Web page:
“Four days later, I tried to get help at another hospital emergency room. As I drove there, I watched in my rearview mirror in horror as my son tied off his arm with my iPhone cord and shot dope into his vein right there in my back seat.”

She said there were no detox beds available, “and by night’s end he was arrested and once again.”

Her son has been incarcerated at least seven times.

“Incarceration has not helped my son,” she said. “In fact, it has made him worse during his seven times in county jail.”


Donna Weinberger explains how a mental health diversion center works.

Donna Weinberger, criminal justice project coordinator for GCC, explained the concept of a diversion center.

“A crisis diversion center is a place where people with mental illness and or substance abuse issues can go when they are in crisis,” she said. “Think of it a bit like an urgent care center for mental health and addiction. They’re accredited centers run by medical centers. People can be brought by family members or walk in by themselves and be seen very quickly who will do a mental health assessment and treatment plan. Those who have gone off their medicines can be restarted on those meds in a safe environment. Those who are in crisis can be stabilized without having to go to an emergency room. There’s an emphasis around providing wraparound services to those who need them, like connection to providers or housing. Our crucial component is that law enforcement can drop off people very quickly. Those officers are often in the front lines of dealing with people in crisis.”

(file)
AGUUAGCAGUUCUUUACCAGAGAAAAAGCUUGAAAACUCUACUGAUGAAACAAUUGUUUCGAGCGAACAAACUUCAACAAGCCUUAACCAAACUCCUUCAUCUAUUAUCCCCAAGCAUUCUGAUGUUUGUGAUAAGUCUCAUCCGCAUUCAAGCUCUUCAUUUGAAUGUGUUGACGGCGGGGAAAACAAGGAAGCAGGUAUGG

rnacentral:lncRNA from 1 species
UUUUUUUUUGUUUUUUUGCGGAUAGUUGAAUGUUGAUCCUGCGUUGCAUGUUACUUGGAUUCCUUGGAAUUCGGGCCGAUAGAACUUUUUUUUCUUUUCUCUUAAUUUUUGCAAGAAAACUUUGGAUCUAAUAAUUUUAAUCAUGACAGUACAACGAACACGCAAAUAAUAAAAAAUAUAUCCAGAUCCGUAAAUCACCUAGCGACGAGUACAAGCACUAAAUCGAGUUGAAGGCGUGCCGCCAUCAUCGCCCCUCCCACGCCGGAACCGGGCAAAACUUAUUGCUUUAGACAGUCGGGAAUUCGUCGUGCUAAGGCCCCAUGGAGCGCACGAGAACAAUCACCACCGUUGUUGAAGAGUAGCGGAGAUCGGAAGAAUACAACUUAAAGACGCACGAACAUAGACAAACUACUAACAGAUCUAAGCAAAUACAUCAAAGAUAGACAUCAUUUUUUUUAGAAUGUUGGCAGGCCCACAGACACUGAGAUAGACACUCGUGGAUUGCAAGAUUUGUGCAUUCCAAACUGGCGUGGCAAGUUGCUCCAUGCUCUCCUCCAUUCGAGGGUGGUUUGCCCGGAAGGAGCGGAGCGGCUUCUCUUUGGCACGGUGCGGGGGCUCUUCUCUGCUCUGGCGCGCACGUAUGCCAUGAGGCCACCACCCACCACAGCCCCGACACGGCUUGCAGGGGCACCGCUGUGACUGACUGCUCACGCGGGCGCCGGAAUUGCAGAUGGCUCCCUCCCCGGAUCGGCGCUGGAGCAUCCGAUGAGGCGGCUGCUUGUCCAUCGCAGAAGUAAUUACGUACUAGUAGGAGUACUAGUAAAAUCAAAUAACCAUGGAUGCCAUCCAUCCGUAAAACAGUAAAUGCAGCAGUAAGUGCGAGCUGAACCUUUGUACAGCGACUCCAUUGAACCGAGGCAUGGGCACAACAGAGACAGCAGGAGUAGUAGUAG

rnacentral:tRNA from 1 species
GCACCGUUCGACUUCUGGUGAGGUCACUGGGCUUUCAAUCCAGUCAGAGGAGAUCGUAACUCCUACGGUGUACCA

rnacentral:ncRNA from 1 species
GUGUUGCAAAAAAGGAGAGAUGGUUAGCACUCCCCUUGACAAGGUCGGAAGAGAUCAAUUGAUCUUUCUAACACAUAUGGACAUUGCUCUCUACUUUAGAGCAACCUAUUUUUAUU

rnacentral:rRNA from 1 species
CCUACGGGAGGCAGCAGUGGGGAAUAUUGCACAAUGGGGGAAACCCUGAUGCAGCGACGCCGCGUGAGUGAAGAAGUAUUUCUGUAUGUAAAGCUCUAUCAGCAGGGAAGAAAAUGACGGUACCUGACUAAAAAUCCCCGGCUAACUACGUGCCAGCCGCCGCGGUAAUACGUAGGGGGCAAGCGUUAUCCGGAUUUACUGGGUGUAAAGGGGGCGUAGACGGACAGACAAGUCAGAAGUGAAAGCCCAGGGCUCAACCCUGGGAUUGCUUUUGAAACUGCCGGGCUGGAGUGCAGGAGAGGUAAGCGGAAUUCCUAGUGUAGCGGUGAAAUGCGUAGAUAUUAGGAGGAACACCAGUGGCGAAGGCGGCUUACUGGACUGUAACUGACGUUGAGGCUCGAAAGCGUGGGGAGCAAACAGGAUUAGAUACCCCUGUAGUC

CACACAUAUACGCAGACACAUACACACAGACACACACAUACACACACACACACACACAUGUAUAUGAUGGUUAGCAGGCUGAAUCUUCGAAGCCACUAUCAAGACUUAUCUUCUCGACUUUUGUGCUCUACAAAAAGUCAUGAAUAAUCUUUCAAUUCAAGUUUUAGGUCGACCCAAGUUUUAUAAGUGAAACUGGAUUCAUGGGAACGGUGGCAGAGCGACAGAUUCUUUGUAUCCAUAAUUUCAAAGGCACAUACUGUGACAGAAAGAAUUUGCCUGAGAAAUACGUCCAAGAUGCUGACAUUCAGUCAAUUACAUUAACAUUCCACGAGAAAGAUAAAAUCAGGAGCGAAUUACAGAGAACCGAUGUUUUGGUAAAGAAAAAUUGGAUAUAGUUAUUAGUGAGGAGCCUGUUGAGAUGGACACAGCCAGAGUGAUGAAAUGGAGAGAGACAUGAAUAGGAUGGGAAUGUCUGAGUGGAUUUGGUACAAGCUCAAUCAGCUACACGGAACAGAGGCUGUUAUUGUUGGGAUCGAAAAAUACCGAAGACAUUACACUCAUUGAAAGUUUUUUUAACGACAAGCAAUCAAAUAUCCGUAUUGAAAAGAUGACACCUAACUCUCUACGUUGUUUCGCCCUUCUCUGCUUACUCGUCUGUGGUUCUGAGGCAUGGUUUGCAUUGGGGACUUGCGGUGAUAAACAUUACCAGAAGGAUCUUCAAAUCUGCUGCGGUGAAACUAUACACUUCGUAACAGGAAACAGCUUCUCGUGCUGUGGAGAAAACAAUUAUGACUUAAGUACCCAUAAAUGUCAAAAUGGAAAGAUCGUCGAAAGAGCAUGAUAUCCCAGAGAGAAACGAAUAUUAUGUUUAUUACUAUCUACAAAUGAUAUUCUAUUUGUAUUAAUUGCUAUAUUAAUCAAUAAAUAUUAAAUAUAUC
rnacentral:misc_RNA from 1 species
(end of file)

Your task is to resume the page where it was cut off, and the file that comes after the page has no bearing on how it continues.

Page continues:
Weinberger said a typical stay would be 24 hours, but diversion centers would have the capacity to house people longer if necessary. 

“We know that these centers save money. We know that these centers save lives.” There was applause. “We also know that they keep mentally ill and addicted people out of jail.” 


Rabbi Stephen Weiss addresses the group.

Rabbi Stephen Weiss is on the strategy team at GCC. The senior rabbi of B’nai Jeshurun Congregation said Cuyahoga County has committed to spending $2.5 million on the diversion centers, and MetroHealth has agreed to spend $1 million.

“It will take much more than that to make this happen but it’s a really good start,” he told the Cleveland Jewish News. “We haven’t priced it out exactly yet. We are hoping that’s something that will happen in this next phase now that we have brought partners to the table who are on board.”

Franklin County has committed $50 million to building a diversion center. 

“First up is getting us all on the same page,” Weiss said. “It was kind of a victory dance tonight ... (But) we’re not leaving this battle until those centers exist and they meet those criteria and we know that they are actually achieving their goals.”